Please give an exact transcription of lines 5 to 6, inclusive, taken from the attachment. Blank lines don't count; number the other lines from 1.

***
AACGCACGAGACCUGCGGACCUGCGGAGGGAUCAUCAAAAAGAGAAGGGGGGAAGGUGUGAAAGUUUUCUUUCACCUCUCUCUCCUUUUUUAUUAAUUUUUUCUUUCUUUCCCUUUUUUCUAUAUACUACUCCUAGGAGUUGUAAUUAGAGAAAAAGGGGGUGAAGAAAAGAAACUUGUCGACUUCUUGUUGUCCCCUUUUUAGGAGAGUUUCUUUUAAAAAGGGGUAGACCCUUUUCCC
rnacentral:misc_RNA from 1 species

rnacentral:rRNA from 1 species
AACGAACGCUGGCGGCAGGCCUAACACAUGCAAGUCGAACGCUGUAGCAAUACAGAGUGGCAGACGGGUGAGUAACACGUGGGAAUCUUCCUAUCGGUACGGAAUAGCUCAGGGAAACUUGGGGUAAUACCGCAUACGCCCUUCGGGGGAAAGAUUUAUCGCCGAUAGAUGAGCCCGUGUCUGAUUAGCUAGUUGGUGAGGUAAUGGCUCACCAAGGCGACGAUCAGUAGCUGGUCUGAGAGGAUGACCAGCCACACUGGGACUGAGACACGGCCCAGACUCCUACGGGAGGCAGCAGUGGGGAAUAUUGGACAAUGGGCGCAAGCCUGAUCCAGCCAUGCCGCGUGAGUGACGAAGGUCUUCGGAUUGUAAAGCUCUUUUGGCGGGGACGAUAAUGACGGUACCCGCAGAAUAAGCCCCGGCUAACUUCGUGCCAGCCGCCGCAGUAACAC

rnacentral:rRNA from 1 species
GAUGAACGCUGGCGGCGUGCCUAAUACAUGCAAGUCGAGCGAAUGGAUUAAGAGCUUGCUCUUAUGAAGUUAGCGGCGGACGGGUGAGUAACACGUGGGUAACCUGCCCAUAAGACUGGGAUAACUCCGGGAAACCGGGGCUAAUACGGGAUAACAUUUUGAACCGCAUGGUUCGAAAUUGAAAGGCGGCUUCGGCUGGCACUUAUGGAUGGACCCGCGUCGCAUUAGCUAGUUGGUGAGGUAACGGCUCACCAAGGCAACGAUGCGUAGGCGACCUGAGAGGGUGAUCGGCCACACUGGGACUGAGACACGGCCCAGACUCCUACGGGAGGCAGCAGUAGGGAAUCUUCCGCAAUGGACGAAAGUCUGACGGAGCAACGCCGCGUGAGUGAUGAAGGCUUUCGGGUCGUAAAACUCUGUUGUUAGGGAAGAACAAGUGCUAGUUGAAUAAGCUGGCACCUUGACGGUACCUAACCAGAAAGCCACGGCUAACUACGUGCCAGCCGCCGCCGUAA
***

rnacentral:rRNA from 1 species
GAUGAACGCUGGCGGCGUGCCUAAUACAUGCAAGUCGAGCGAAUGGAUUAAGAGCUUGCUCUUAUGAAGUUAGCGGCGGACGGGUGAGUAACACGUGGGUAACCUGCCCAUAAGACUGGGAUAACUCCGGGAAACCGGGGCUAAUACGGGAUAACAUUUUGAACCGCAUGGUUCGAAAUUGAAAGGCGGCUUCGGCUGGCACUUAUGGAUGGACCCGCGUCGCAUUAGCUAGUUGGUGAGGUAACGGCUCACCAAGGCAACGAUGCGUAGGCGACCUGAGAGGGUGAUCGGCCACACUGGGACUGAGACACGGCCCAGACUCCUACGGGAGGCAGCAGUAGGGAAUCUUCCGCAAUGGACGAAAGUCUGACGGAGCAACGCCGCGUGAGUGAUGAAGGCUUUCGGGUCGUAAAACUCUGUUGUUAGGGAAGAACAAGUGCUAGUUGAAUAAGCUGGCACCUUGACGGUACCUAACCAGAAAGCCACGGCUAACUACGUGCCAGCCGCCGCCGUAA